- The piston head has melted through behind the piston rings.
- The piston skirt has not seized; melted material has been worn away off the damaged area onto the piston skirt.
The removal of material by melting from piston heads in petrol engines is the result of glow ignition on pistons with mostlyflat crowns and relatively large quenching areas. Glow ignition is triggered by glowing parts in the combustion chamber that are hotter than the self-ignition temperature of the air-gas mixture. These are essentially the spark plug, the exhaust valves and any oil carbon deposits on the combustion chamber walls.
In the quenching area, the piston head is heated up significantly due to the glow ignition. The high temperatures cause the piston material to go soft. Material is carried away as far as the oil control ring due to the combined effects of inertia force and combustion gases entering the damage area.
- Heat value of the spark plugs too low.
- Mixture too lean, resulting in higher combustion temperatures.
- Damaged valves or insufficient valve clearance, causing the valves to not close correctly. The hot combustion gases streaming past cause the valves to start to glow. This primarily affects the exhaust valves, as the intake valves are cooled by the fresh gases.
- Glowing combustion residue on the piston crowns, the cylinder head, the valves and the spark plugs.
- Unsuitable fuel with an octane rating that is too low. The fuel quality must correspond to the compression ratio of the engine, i.e. the octane rating of the fuel must cover the octane requirements of the engine under all operating conditions.
- Petrol contaminated by diesel, which lowers the octane rating of the fuel.
- High engine or intake air temperature caused by inadequate ventilation of the engine compartment.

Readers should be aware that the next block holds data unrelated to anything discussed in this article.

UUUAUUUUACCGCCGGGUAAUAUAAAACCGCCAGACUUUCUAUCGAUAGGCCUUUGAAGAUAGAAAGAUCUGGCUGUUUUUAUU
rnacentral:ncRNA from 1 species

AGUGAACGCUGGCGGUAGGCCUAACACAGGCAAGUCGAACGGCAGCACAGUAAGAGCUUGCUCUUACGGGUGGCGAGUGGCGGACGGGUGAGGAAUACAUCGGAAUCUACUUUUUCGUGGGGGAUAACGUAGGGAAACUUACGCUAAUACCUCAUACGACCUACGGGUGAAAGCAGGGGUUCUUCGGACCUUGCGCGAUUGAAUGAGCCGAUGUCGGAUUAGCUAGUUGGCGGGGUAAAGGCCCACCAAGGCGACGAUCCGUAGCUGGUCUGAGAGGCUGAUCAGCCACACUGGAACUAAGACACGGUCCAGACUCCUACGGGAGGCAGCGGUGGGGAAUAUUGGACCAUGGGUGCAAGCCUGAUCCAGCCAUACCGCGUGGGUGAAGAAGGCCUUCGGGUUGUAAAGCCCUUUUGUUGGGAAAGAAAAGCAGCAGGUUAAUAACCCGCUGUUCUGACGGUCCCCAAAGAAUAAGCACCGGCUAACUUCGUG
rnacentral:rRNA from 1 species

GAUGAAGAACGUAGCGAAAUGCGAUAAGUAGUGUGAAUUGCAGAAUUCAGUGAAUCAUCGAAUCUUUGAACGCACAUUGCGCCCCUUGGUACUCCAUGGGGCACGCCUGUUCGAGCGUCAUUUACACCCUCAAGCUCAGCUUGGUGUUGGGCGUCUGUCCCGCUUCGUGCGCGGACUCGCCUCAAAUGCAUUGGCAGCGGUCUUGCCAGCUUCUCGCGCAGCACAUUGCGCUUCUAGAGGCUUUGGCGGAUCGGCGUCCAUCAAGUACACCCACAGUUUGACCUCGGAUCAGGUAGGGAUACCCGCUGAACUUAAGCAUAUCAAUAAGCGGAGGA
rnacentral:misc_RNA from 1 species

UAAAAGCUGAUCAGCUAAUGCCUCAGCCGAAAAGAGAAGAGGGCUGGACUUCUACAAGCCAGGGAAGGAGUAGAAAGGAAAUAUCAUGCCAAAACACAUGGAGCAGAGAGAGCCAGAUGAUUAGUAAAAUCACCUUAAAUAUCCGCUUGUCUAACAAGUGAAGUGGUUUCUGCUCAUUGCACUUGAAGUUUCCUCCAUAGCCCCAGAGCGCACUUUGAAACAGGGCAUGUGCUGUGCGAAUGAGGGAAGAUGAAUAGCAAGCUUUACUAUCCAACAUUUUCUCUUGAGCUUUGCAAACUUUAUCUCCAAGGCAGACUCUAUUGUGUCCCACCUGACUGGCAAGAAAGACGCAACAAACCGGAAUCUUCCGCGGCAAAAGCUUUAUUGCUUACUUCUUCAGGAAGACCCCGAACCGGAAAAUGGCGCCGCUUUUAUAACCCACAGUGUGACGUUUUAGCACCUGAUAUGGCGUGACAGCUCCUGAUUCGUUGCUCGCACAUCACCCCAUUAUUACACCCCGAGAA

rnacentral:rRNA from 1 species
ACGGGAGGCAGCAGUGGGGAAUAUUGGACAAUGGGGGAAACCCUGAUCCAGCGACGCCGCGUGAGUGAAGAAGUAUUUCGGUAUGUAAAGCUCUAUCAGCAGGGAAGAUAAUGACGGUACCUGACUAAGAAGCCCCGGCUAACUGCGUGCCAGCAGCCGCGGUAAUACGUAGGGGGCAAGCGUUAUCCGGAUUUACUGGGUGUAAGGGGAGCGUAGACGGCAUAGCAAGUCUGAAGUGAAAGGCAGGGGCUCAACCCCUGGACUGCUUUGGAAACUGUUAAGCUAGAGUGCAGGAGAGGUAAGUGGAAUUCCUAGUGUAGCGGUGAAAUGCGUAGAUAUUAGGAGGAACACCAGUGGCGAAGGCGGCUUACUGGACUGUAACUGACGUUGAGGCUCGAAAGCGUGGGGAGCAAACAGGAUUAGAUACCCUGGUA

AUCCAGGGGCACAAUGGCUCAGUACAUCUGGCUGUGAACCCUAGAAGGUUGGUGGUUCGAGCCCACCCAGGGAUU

- General overheating of the engine.
- Piston head completely destroyed.
- Piston top land melted as far as the ring carrier.
- Seizure marks and damage on the piston skirt due to melted, worn down piston material.
- Ring carrier partially detached.
- Damage (impact marks) in all combustion chambers due to piston material and detached ring carrier parts.
- Erosive-type removal of material due to melting on the piston crown or the piston top land in the injection direction of the nozzle jets.
- No seizure marks on the piston skirt or the piston ring zone.
This type of damage occurs particularly on diesel direct injection engines. Prechamber engines are only affected if the prechamber is damaged and the fuel is therefore also injected directly into the combustion chamber.
If, in a diesel direct injection engine, the injection nozzle of the affected cylinder cannot maintain its injection pressure, oscillations in the injection line can cause the injector nozzle needle to lift again. Fuel is injected into the combustion chamber again. If the oxygen has been used up, the fuel droplets stream through the combustion chamber and end up on the piston crown. There they burn away with a great deal of heat and the piston material becomes soft.
The inertia force and the erosion due to the combustion gases speeding past tear out individual particles from the surface (Fig. 2) or carry away the entire piston head (Fig. 1).
- Leaking injection nozzles or stiff/jammed injector nozzle needles.
- Broken or worn nozzle springs.
- Faulty pressure relief valves in the fuel injection pump.
- Injection quantity and injection timing not set in accordance with the engine manufacturer‘s specifications.
- On prechamber engines: Prechamber defect in conjunction with one of the above possible causes.
- Ignition delay due to insufficient compression caused by excessive gap dimensions, incorrect valve timing or leaking valves.
- Excessive ignition delay caused by diesel that is reluctant to ignite (cetane rating too low).
- Poor charging due to defective turbocharger.